Collaborative Leadership: Becoming Better Together

Published March 4, 2019

Every now and then, you experience one of those unique moments that feels sacred. It’s almost as if time stands still and, for a moment, the world seems just a little more hopeful, a little more beautiful, a little more unified.

That’s exactly what happened in Long Beach, California this past October. Fifty women from around the globe gathered and proclaimed that we really are “Better Together.” We said no to competition, comparison and judgement. We said no to shame, insecurity and counting ourselves out.

We said NO to fear.

Instead, we said yes to women supporting women.

We said yes to linking arms in unity.

We said yes to celebrating the wildly beautiful gifts that lie in each of us.

We said yes to cheering each other on as we blaze new trails in our world.

We said yes to creating a better world for the generations of women coming after us.

Teamwork and collaboration are not just for people who look like us, talk like us or come from a similar background as us. It’s for everyone.

We said yes to partnering together to see the love of Jesus spread into our communities and neighborhoods and families and countries and world. We said yes to standing in solidarity. Because we’re so much better together.

It was beautiful. It was Danielle Strickland’s first Women Speakers Collective bootcamp.

The vision is simple. Danielle said, “After speaking at conferences around the country, I came to realize that something was missing. I asked the question, “Why are there so few women speakers?” I began to ask that question to the conference and church leaders I met with and I heard the same response from them all, ‘Where are they? We can’t find them.’ The Women Speakers Collective is an attempt to help.”

Danielle set out on a mission to train, empower and highlight exceptional women communicators. In the midst of the highly competitive speaker circuit, her vision was to create a collaborative community–rejecting competition and celebrating unity and diverse perspectives.

Teamwork and collaboration are not just for people who look like us, talk like us or come from a similar background as us. It’s for everyone.

Pastors can link arms with refugees. White can link arms with brown. CEOs can link arms with their employees. Men can link arms with women. Older generations can link arms with younger generations. We believe we can link arms across every divide because, “There is neither Jew nor Gentile, neither slave nor free, nor is there male and female, for you are all one in Christ Jesus.” (Galatians 3:28.)

Who are you linking arms with? Who are you collaborating with? Who are you partnering with? And are they just like you?

There are two steps we can take to grow our ability to collaborate with individuals who are different from us.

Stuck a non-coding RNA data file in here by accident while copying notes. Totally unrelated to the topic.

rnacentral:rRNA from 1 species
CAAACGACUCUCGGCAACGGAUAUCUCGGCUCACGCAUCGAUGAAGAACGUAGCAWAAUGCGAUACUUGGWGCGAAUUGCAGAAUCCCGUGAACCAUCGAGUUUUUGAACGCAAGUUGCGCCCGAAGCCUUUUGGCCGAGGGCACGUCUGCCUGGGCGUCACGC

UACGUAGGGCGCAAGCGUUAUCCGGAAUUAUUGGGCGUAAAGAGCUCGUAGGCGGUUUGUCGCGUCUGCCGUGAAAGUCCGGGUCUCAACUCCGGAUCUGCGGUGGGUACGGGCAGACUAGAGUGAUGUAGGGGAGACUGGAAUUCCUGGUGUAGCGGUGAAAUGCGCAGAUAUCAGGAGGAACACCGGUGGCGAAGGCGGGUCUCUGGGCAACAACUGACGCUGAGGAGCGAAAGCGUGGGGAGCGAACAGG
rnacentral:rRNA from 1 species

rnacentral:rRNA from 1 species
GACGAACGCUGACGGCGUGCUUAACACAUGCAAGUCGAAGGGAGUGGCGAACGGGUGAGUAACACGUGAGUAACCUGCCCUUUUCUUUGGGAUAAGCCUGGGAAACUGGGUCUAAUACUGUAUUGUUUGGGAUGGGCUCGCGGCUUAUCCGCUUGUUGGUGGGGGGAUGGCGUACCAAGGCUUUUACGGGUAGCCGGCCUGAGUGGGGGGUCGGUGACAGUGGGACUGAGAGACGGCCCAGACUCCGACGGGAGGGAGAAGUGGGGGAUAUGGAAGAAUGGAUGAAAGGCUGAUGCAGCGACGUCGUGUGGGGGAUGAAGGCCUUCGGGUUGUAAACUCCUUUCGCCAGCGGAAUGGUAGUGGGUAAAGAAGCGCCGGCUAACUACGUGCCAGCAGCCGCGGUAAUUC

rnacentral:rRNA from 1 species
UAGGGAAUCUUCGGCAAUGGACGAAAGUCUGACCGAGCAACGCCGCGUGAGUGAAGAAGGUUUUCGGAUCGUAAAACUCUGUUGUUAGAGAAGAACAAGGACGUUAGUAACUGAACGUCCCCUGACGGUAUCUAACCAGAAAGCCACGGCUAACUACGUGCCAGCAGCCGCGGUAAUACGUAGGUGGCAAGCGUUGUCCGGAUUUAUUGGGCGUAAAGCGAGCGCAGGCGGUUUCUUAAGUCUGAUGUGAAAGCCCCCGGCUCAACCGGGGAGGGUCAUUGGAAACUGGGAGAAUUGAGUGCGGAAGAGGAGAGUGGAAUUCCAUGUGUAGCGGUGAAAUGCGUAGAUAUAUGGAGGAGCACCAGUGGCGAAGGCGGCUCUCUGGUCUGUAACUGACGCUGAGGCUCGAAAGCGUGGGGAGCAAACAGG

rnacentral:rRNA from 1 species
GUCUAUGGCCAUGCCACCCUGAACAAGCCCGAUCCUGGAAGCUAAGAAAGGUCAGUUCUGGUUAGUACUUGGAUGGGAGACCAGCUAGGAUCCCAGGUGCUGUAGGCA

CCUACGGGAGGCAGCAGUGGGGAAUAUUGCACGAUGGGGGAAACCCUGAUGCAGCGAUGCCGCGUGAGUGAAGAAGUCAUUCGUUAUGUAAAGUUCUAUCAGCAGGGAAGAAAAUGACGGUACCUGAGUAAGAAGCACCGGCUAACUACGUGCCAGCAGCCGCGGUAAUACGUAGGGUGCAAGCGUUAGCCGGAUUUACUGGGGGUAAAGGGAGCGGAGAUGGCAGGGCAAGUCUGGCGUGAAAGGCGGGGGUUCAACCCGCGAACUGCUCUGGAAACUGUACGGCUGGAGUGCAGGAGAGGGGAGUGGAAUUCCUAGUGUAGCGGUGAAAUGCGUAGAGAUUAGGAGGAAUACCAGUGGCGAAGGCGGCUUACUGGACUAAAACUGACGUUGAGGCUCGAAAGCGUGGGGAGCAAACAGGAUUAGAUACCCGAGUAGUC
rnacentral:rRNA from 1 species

1) Make Room

Each of us holds bias, whether positive or negative, toward others who are different than we are. Oftentimes, this bias is so unknown to us, it affects our decisions without us even knowing. If this bias continues to go unchecked, it can go on to affect the way we hire, empower volunteers and promote employees. The only way to confront our bias is to partner with people who are different. When we invite people, who are different from us into our decision processes, we are engaging in a broader, more robust perspective that creates room for every person to be noticed.

Is your board of directors ethnically diverse? Is your executive team comprised of only men or only women? Are your top leaders all from the same cultural background?

If we’re willing to listen to voices we don’t normally listen to and are willing to learn from them, it will change how we live.

 

2) Give Credit to Other Perspectives

It’s not enough simply to ask the opinion of people who are different from you. You must also listen to their perspective and consider their advice. Don’t dismiss their opinion or convince yourself they just don’t understand the dynamics of your Team. Instead, receive their feedback. Take real action to address the concerns of the people you are inviting to share their perspective.

At the 2018 Global Leadership Summit, Danielle Strickland reminded us, “If we’re willing to listen to voices we don’t normally listen to and are willing to learn from them, it will change how we live.”

 

At the bootcamp, I learned that the best leaders will rise up, link arms, broaden our perspectives and use our voices to advocate for unity. Will you?

About the Author
This is the author headshot for Hannah Gronowski.

Hannah Gronowski

Founder, CEO

Generation Distinct

Hannah Gronowski is the Founder and CEO of Generation Distinct , a nonprofit that exists to empower young leaders to discover the wrong they were born to make right, leading them to experience who Jesus really is. She has a passion to use her voice to empower others to become leaders God can use to create real change in the world. She is also a speaker and an author, with her first book releasing in 2020 with NavPress Publishers. She has spoken at conferences, churches, college campuses, and youth events around the country.

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